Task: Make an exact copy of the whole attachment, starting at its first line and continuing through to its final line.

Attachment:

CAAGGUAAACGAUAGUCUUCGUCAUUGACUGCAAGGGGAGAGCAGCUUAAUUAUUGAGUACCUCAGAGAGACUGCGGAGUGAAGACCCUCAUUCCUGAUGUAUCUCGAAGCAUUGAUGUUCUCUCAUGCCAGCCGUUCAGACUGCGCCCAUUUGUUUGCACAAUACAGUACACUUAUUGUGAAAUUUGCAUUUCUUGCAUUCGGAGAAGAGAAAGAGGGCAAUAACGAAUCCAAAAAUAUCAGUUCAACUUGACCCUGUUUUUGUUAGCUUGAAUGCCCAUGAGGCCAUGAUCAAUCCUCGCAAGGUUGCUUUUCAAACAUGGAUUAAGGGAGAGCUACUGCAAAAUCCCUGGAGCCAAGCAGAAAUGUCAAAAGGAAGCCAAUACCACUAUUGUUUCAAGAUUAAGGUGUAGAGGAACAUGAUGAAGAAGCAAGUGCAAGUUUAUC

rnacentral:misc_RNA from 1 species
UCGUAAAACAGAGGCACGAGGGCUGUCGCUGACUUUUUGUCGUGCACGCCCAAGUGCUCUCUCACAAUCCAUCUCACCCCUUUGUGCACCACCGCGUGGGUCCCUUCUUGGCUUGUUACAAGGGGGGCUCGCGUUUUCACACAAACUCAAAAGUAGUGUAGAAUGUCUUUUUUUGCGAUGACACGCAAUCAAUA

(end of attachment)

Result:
CAAGGUAAACGAUAGUCUUCGUCAUUGACUGCAAGGGGAGAGCAGCUUAAUUAUUGAGUACCUCAGAGAGACUGCGGAGUGAAGACCCUCAUUCCUGAUGUAUCUCGAAGCAUUGAUGUUCUCUCAUGCCAGCCGUUCAGACUGCGCCCAUUUGUUUGCACAAUACAGUACACUUAUUGUGAAAUUUGCAUUUCUUGCAUUCGGAGAAGAGAAAGAGGGCAAUAACGAAUCCAAAAAUAUCAGUUCAACUUGACCCUGUUUUUGUUAGCUUGAAUGCCCAUGAGGCCAUGAUCAAUCCUCGCAAGGUUGCUUUUCAAACAUGGAUUAAGGGAGAGCUACUGCAAAAUCCCUGGAGCCAAGCAGAAAUGUCAAAAGGAAGCCAAUACCACUAUUGUUUCAAGAUUAAGGUGUAGAGGAACAUGAUGAAGAAGCAAGUGCAAGUUUAUC

rnacentral:misc_RNA from 1 species
UCGUAAAACAGAGGCACGAGGGCUGUCGCUGACUUUUUGUCGUGCACGCCCAAGUGCUCUCUCACAAUCCAUCUCACCCCUUUGUGCACCACCGCGUGGGUCCCUUCUUGGCUUGUUACAAGGGGGGCUCGCGUUUUCACACAAACUCAAAAGUAGUGUAGAAUGUCUUUUUUUGCGAUGACACGCAAUCAAUA